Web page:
Abstract wrote:RESULTS: Men with the lowest levels of plasma vitamin C (<28.4 micromol/L, lowest quarter) had a 2.4-fold (95% CI, 1.4 to 4.3; P=0.002) risk of any stroke compared with men with highest levels of plasma vitamin C (>64.96 micromol/L, highest quarter) after adjustment for age and examination months. An additional adjustment for body mass index, systolic blood pressure, smoking, alcohol consumption, serum total cholesterol, diabetes, and exercise-induced myocardial ischemia attenuated the association marginally (relative risk, 2.1; 95% CI, 1.2 to 3.8; P=0.01). Adjustment for prevalent coronary heart disease and atrial fibrillation did not attenuate the association any further. Furthermore, hypertensive men with the lowest vitamin C levels (<28.4 micromol/L) had a 2.6-fold risk (95% CI, 1.52 to 4.48; P<0.001), and overweight men (> or =25 kg/m2) with low plasma vitamin C had a 2.7-fold risk (95% CI, 1.48 to 4.90; P=0.001) for any stroke after adjustment for age, examination months, and other risk factors. CONCLUSIONS: Low plasma vitamin C was associated with increased risk of stroke, especially among hypertensive and overweight men.

The Following Dutch study looked at vitamin C intake from studying the diet. Although probably less accurate, this study too found an association between vitamin C intake and stroke. Note the low amounts of vitamin C.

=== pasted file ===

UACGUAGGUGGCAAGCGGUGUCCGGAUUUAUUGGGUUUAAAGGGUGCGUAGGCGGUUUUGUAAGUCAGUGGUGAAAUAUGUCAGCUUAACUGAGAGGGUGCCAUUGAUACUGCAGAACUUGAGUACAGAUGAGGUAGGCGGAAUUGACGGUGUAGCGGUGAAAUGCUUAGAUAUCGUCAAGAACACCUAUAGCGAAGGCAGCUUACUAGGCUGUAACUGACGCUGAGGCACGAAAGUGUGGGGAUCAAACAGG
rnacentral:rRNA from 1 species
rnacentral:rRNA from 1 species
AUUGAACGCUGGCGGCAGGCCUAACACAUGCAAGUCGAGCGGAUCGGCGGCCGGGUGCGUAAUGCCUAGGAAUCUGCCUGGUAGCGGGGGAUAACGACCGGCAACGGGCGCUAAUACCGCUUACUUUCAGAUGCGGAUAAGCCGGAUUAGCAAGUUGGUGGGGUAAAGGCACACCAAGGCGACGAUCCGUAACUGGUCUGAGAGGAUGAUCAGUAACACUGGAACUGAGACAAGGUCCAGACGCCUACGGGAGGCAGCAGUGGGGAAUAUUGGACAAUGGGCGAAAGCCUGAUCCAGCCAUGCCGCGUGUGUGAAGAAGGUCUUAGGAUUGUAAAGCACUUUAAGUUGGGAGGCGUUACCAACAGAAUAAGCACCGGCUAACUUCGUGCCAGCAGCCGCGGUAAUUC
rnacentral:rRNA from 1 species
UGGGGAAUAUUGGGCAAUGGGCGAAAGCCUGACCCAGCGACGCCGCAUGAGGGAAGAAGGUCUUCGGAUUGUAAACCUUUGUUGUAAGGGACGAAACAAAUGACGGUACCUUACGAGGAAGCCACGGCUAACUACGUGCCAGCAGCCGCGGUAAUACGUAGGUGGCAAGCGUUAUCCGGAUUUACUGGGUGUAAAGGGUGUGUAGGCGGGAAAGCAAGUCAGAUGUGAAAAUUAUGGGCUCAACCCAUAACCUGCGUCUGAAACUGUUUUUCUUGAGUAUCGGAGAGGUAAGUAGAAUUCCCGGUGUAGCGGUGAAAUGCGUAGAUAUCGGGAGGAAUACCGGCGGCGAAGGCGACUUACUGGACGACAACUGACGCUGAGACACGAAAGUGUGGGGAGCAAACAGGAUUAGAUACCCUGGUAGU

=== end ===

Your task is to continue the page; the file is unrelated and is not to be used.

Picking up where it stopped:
This Dutch study is summarized here

Vitamin C May Ward Off Stroke ... 15972.html

A Dutch study finds people with the lowest amount of vitamin C in their diets were 30 percent more likely to have a stroke than people with the highest amount of it.

People with the highest amount of vitamin C in their diets consumed more than 133 milligrams of vitamin C per day. People with the lowest amount in their diets got less than 95 milligrams per day. The recommended daily amount is 60 milligrams a day.

The following studies indicate that maintaining high level of antioxidants may reduce brain damage after a stroke. (Note: mice and rats already make their own vitamin C.)

Vitamin C Derivative Prevents Stroke Damage in Mice ... trokes.htm

Antioxidant-rich diets reduce brain damage from stroke in rats ... wsid=22718

USF/VA neuroscientist Paula Bickford, PhD, and colleagues found that rats fed diets preventatively enriched with blueberries, spinach or an algae known as spirulina experienced less brain cell loss and improved recovery of movement following a stroke.